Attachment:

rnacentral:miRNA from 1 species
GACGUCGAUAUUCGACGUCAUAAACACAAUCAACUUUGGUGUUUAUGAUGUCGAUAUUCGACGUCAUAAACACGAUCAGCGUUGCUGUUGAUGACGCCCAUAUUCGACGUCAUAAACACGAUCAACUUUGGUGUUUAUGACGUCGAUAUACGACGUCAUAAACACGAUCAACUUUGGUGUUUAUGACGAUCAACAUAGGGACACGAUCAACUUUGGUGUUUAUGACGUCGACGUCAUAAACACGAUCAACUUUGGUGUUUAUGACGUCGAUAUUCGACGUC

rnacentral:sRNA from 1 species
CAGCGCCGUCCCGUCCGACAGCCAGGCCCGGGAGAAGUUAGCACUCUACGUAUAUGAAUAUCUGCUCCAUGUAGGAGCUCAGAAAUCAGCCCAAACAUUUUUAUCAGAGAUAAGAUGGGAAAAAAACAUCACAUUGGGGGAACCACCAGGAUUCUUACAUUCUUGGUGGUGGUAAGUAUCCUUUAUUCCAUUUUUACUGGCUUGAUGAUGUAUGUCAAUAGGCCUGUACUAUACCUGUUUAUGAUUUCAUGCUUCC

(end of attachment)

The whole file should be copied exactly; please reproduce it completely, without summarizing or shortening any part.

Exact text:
rnacentral:miRNA from 1 species
GACGUCGAUAUUCGACGUCAUAAACACAAUCAACUUUGGUGUUUAUGAUGUCGAUAUUCGACGUCAUAAACACGAUCAGCGUUGCUGUUGAUGACGCCCAUAUUCGACGUCAUAAACACGAUCAACUUUGGUGUUUAUGACGUCGAUAUACGACGUCAUAAACACGAUCAACUUUGGUGUUUAUGACGAUCAACAUAGGGACACGAUCAACUUUGGUGUUUAUGACGUCGACGUCAUAAACACGAUCAACUUUGGUGUUUAUGACGUCGAUAUUCGACGUC

rnacentral:sRNA from 1 species
CAGCGCCGUCCCGUCCGACAGCCAGGCCCGGGAGAAGUUAGCACUCUACGUAUAUGAAUAUCUGCUCCAUGUAGGAGCUCAGAAAUCAGCCCAAACAUUUUUAUCAGAGAUAAGAUGGGAAAAAAACAUCACAUUGGGGGAACCACCAGGAUUCUUACAUUCUUGGUGGUGGUAAGUAUCCUUUAUUCCAUUUUUACUGGCUUGAUGAUGUAUGUCAAUAGGCCUGUACUAUACCUGUUUAUGAUUUCAUGCUUCC